B.C. workers need more than increase in minimum wage: advocate

The minimum wage in British Columbia could see a big bump on June 1, as the provincial government has promised to continue to tie increases to the annual rate of inflation.

But Anastasia French, the provincial manager for Living Wage for Families BC, says even with the anticipated minimum wage increase, more needs to be done.

She says that Metro Vancouver’s living wage is $24.08 an hour, and the current minimum wage sits significantly lower — at $15.65 per hour.


“There’s a $7 an hour gap between the new minimum wage, or what we…think the minimum wage might be, and actually the living wage,” she said.

“It’s vital that as well as continued increases to the minimum wage, the government also takes steps to make life more affordable to look at how they can lower the cost of groceries, lower the cost of rent.”

In 2022, the annual rate of inflation was 6.6 per cent. If the government’s promise were to be fulfilled this year, that means employers could be on the hook for topping up wages by about $1 more per hour.

Related article: B.C. workers, businesses await minimum wage news

Although French says the increase wouldn’t necessarily be a bad thing, she says workers are “struggling.”

“Life has got really expensive right now, as we’ve all seen every time we go to the grocery store, every time we try and pay rent, anything, things are getting really expensive and it’s vital that workers can earn enough to pay for those necessities,” she said.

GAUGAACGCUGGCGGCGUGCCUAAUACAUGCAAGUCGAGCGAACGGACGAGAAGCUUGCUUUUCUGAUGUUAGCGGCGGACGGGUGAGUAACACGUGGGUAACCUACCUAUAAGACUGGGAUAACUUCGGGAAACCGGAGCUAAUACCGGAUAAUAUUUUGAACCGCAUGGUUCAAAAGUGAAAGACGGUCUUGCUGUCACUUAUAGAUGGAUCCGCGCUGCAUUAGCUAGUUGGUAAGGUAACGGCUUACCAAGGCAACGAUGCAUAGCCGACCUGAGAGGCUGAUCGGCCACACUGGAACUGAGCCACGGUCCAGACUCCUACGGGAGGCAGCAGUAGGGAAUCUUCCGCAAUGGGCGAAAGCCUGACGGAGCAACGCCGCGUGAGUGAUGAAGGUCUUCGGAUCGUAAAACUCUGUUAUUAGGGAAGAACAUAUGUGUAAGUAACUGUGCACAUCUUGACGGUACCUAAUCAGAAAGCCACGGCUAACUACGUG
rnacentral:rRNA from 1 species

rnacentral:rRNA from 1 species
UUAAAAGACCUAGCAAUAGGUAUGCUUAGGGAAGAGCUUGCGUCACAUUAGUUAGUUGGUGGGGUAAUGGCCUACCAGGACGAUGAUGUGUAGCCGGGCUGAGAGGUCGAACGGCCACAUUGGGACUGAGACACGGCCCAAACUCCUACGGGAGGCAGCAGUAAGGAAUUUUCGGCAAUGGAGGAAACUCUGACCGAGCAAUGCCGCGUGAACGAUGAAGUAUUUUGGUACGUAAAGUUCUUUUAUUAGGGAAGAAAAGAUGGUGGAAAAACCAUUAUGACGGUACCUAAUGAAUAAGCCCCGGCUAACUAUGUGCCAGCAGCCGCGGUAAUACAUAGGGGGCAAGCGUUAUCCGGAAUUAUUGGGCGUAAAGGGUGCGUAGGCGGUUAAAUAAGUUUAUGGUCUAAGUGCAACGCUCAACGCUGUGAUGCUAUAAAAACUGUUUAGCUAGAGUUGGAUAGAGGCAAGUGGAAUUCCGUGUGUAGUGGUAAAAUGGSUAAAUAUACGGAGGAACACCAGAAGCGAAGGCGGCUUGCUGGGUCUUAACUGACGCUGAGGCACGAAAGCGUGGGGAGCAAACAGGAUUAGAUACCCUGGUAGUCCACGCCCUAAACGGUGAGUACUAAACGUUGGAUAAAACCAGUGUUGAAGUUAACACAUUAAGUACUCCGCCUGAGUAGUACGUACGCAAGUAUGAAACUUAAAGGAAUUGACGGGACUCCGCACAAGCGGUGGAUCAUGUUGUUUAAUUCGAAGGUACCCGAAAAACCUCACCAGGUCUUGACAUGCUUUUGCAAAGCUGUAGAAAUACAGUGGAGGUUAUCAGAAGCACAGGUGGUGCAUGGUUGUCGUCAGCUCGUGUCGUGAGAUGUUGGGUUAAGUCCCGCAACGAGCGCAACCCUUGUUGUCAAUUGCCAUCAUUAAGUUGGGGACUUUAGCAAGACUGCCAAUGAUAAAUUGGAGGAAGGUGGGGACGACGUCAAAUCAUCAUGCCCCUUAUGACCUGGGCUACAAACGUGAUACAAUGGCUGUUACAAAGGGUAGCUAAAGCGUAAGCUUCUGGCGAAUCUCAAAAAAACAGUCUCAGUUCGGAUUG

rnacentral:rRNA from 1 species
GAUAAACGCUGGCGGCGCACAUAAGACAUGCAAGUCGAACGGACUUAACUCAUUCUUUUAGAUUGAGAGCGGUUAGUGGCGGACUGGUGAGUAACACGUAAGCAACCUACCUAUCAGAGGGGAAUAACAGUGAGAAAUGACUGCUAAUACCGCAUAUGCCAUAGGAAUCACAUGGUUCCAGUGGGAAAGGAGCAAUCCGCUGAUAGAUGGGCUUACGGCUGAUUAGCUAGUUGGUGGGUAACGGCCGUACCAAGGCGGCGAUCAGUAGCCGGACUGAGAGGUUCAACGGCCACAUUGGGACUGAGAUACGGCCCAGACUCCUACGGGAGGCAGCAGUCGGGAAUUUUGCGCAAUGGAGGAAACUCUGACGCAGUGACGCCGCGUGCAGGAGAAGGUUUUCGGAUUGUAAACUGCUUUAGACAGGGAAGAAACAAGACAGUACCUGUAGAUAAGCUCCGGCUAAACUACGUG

“In order to be able to pay for essentials like food and rent, they have to work multiple jobs often to make ends meet, or they have to cut back on necessities. And the things they have to cut back on are things like food and rent, and things which you can’t really cut back on,” she said.

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“Costs are going up far higher than 7 per cent for essentials and necessities like food. Every time we go to the grocery store, we see that things are really, really expensive right now,” she said.

French adds that employers could benefit by paying staff even more than the minimum wage.

“We’re in the middle of a labour shortage right now. I hear from employers all the time that they’re really struggling to find staff to help do basic jobs. So by paying them a higher wage, higher than the minimum wage, actually, helps them and it makes business sense, and it also produces money that goes back into the local economy,” she said.

-With files from OMNI News and Monika Gul